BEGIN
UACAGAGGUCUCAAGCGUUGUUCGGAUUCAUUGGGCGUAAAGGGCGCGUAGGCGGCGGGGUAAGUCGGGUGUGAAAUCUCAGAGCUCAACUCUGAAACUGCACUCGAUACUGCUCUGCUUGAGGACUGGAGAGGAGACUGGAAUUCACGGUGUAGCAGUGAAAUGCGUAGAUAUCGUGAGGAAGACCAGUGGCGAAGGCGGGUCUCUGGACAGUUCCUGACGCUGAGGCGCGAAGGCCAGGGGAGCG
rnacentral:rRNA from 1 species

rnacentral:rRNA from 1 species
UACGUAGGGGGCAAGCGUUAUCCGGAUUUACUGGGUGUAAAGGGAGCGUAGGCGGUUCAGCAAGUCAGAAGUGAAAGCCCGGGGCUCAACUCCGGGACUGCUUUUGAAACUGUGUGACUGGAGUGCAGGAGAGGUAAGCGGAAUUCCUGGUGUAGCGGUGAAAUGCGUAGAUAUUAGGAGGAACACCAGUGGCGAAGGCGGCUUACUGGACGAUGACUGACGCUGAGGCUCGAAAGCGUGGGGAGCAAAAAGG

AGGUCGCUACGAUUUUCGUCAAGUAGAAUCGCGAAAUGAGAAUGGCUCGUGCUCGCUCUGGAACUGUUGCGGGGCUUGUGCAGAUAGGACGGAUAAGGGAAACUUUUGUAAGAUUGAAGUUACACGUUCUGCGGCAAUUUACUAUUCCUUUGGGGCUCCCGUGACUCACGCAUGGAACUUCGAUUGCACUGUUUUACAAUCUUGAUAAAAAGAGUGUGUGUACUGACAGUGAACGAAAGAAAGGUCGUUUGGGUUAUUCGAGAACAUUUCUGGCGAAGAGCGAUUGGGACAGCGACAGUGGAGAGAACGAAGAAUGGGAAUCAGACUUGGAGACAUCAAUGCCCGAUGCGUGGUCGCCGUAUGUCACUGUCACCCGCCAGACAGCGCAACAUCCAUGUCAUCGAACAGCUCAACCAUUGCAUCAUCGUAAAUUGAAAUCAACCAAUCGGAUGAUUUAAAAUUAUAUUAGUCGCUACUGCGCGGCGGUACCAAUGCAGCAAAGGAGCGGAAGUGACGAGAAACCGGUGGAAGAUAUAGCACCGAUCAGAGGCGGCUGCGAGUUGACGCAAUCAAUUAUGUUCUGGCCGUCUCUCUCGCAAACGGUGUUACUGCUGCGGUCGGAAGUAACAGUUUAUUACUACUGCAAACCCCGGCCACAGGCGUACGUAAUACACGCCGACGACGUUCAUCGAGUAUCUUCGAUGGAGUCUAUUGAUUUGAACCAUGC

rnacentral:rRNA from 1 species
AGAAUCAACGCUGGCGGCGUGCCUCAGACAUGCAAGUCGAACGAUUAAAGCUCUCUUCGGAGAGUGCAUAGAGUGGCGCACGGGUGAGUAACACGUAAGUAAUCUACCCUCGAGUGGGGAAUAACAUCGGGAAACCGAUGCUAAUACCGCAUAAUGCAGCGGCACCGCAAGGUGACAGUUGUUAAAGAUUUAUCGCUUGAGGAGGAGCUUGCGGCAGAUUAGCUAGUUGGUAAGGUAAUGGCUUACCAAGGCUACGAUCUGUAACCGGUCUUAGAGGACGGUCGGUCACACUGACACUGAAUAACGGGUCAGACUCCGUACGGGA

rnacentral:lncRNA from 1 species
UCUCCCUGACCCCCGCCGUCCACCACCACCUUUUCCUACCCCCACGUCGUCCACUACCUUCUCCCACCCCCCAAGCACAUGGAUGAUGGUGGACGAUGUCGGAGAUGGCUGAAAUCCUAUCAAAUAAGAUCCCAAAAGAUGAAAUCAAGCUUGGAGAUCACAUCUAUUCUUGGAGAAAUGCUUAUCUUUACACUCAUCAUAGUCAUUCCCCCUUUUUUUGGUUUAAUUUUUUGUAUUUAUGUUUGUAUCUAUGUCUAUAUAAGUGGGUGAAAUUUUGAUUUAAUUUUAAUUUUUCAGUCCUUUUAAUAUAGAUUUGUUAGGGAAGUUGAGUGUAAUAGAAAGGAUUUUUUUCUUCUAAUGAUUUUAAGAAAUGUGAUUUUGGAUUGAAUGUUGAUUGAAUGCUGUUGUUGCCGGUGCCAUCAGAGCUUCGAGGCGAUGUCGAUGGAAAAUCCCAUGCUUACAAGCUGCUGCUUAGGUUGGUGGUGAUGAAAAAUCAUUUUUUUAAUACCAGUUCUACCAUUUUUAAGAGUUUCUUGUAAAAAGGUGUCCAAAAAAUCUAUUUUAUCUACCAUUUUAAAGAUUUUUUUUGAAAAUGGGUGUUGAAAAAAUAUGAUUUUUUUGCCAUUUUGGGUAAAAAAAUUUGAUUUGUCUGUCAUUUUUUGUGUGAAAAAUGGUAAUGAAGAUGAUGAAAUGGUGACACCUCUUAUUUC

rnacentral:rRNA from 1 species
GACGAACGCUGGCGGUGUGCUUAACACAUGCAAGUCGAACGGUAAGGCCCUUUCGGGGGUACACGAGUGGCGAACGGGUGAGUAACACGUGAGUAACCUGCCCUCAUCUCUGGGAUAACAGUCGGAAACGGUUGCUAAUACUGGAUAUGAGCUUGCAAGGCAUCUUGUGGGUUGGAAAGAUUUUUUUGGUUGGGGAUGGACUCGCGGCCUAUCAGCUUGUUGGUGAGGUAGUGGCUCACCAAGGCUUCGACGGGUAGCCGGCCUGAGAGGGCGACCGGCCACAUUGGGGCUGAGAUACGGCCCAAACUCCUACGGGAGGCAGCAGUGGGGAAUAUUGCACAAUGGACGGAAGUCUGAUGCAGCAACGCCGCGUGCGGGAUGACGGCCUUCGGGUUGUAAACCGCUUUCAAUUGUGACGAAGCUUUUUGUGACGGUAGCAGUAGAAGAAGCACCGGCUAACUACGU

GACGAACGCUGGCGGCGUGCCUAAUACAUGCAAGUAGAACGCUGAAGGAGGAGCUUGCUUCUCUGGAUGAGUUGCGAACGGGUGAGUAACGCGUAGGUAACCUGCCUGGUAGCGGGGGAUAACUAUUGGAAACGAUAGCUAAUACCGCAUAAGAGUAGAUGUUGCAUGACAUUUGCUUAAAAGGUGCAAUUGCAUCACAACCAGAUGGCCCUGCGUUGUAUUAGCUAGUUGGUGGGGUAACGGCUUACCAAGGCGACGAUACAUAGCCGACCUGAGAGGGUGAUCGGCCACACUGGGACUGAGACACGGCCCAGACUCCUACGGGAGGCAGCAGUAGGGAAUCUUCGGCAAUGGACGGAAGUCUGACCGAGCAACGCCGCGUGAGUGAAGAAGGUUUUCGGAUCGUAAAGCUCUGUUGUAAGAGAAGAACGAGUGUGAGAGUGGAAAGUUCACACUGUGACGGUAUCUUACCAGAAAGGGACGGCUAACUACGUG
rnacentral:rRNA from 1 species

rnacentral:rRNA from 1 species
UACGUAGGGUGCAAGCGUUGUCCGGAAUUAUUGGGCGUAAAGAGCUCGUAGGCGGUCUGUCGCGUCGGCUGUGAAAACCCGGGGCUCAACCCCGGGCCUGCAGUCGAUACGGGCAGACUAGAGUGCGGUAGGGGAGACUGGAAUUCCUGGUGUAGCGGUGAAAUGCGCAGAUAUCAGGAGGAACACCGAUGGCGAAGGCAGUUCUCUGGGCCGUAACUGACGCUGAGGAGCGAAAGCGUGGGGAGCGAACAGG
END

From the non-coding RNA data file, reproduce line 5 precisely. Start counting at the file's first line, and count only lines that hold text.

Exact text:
AGGUCGCUACGAUUUUCGUCAAGUAGAAUCGCGAAAUGAGAAUGGCUCGUGCUCGCUCUGGAACUGUUGCGGGGCUUGUGCAGAUAGGACGGAUAAGGGAAACUUUUGUAAGAUUGAAGUUACACGUUCUGCGGCAAUUUACUAUUCCUUUGGGGCUCCCGUGACUCACGCAUGGAACUUCGAUUGCACUGUUUUACAAUCUUGAUAAAAAGAGUGUGUGUACUGACAGUGAACGAAAGAAAGGUCGUUUGGGUUAUUCGAGAACAUUUCUGGCGAAGAGCGAUUGGGACAGCGACAGUGGAGAGAACGAAGAAUGGGAAUCAGACUUGGAGACAUCAAUGCCCGAUGCGUGGUCGCCGUAUGUCACUGUCACCCGCCAGACAGCGCAACAUCCAUGUCAUCGAACAGCUCAACCAUUGCAUCAUCGUAAAUUGAAAUCAACCAAUCGGAUGAUUUAAAAUUAUAUUAGUCGCUACUGCGCGGCGGUACCAAUGCAGCAAAGGAGCGGAAGUGACGAGAAACCGGUGGAAGAUAUAGCACCGAUCAGAGGCGGCUGCGAGUUGACGCAAUCAAUUAUGUUCUGGCCGUCUCUCUCGCAAACGGUGUUACUGCUGCGGUCGGAAGUAACAGUUUAUUACUACUGCAAACCCCGGCCACAGGCGUACGUAAUACACGCCGACGACGUUCAUCGAGUAUCUUCGAUGGAGUCUAUUGAUUUGAACCAUGC